Smashing The Tablets


“If God does not exist, everything is permitted” is attributed to Dostoyevsky’s Ivan Karamazov. Did he mean that it is impossible to have a moral code of conduct without believing in God? In fact, one could argue the opposite. True ethics exist only in the absence of an authoritarian and watchful God. For of what value is good behavior if it stems from fear of punishment or hope of heavenly rewards?

Ethics evolve when people have emancipated themselves from external diktats and internalized the values they have absorbed from their parents, teachers, mentors and other influential individuals in their life. That is what is meant by leaving childhood and becoming adults.

So then shall we reexamine the Ten Commandments in that context to see how much relevance they have today? They definitely need dismantling.

–Let us first get rid of the three in which an irascible and capricious God enjoins us to obey only him.

–Some commandments should become optional–Keeping the Sabbath and honoring your father and mother. That is up to each one of us to decide.

–Covetousness and adultery are certainly undesirable but not sinful.

–Killing, stealing and bearing false witness have now entered the criminal code and therefore are redundant.

Having smashed the tablets, we need to proceed to building our own set of values. I have identified six commandments for myself and would like to know what guideposts other people have decided on.

1. Thou shalt not be cruel and hurt others deliberately, whether humans or animals.
2. Thou shalt not betray anyone’s trust.
3. Thou shalt not force thy beliefs onto others.
4. Thou shalt not be greedy and accumulate wealth at the expense of others.
5. Thou shalt be solely responsible for thy actions and not blame thy parents, genes or environment.
6. Thou shalt get rid of the concepts of sacredness and blasphemy. No people, places or objects such as relics are sacred. All are subject to questioning.

These then are my six commandments. What are yours?


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  1. Good thinking! Actually, what are called the Ten Commandments appear twice (with some variations) in the Hebrew Bible: Exodus 20:12-14 (on Mt. Sinai) and Deuteronomy 5:6-18 (on Mt. Horeb). The major difference between the two is that in the latter, the reason given in #4 for keeping the Sabbath is not that the creator rested on the 7th day, but that he liberated the Hebrew tribes from Egyptian bondage. It also, in #10, adds one’s neighbor’s field to the list of items not to be coveted.

    However, neither one of these versions is explicitly named “The Ten Commandments!” That honor is reserved for another list altogether — one that religious zealots never propose for mounting on courthouse walls or lawns. Exodus 34:17-28 covers the three harvest festivals, claims first-born animals and human sons for the creator, gives no reason for seventh day rest and includes other quite curious commands. (Those interested can obtain a comparative chart of all three versions by request to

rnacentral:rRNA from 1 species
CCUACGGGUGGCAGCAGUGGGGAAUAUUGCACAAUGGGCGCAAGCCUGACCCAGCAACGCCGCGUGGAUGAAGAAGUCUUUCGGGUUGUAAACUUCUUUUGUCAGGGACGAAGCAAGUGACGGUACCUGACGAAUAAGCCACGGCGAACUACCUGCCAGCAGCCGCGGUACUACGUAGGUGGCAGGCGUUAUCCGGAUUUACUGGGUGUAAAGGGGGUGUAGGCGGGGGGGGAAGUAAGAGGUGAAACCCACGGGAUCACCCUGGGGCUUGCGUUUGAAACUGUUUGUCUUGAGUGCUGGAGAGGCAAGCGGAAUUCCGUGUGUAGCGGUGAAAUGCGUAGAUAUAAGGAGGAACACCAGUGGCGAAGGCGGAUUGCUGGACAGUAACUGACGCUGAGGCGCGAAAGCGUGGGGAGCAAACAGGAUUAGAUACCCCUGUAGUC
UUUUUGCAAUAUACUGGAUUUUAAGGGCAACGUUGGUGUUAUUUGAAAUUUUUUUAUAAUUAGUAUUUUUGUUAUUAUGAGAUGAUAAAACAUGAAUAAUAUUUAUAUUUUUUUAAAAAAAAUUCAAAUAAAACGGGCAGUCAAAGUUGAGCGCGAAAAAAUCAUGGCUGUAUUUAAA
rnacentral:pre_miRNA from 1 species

1. Thanks for the information on the commandments. I used a streamlined version so as not to lose track of my point : they need revision.

  2. My father had quite an influence on me. He didn’t believe in God, but he always stressed the Golden Rule. That would be the closest to a Commandment that I could come up with, and believe me, I haven’t always followed it.

    1. Even the golden rule has its detractors–fussy people I suspect, saying: how do you know how other people would like to be treated?

      1. Good point, Simone! Although I’ve never heard anyone say that, I have no doubt but there would be someone out there who would! It’s just such a simple idea,the Golden Rule, but covers a lot of territory! And, I like it because it does not get too academic.

  3. gotta go with number 4…thou shalt not exploit others to greedily amass more than you could possibly need and thou shalt assume some social responsibility…McDonald’s workers make a not-enough-to-live-on wage, while McD’s amasses billions in profits? Really? And is it necessary to go into other countries and fatten their citizens? Seriously?

  4. There should probably be something in there about helping others less fortunate than yourself, but the problem with that is the same as #4, which is how do you define the appropriate amount of help just as it is hard to define what is the appropriate amount of wealth. This exercise shows how hard it is to write a rule that one can always apply. That is why I like decency and common sense as guidelines, but how would you ever write a rule about those?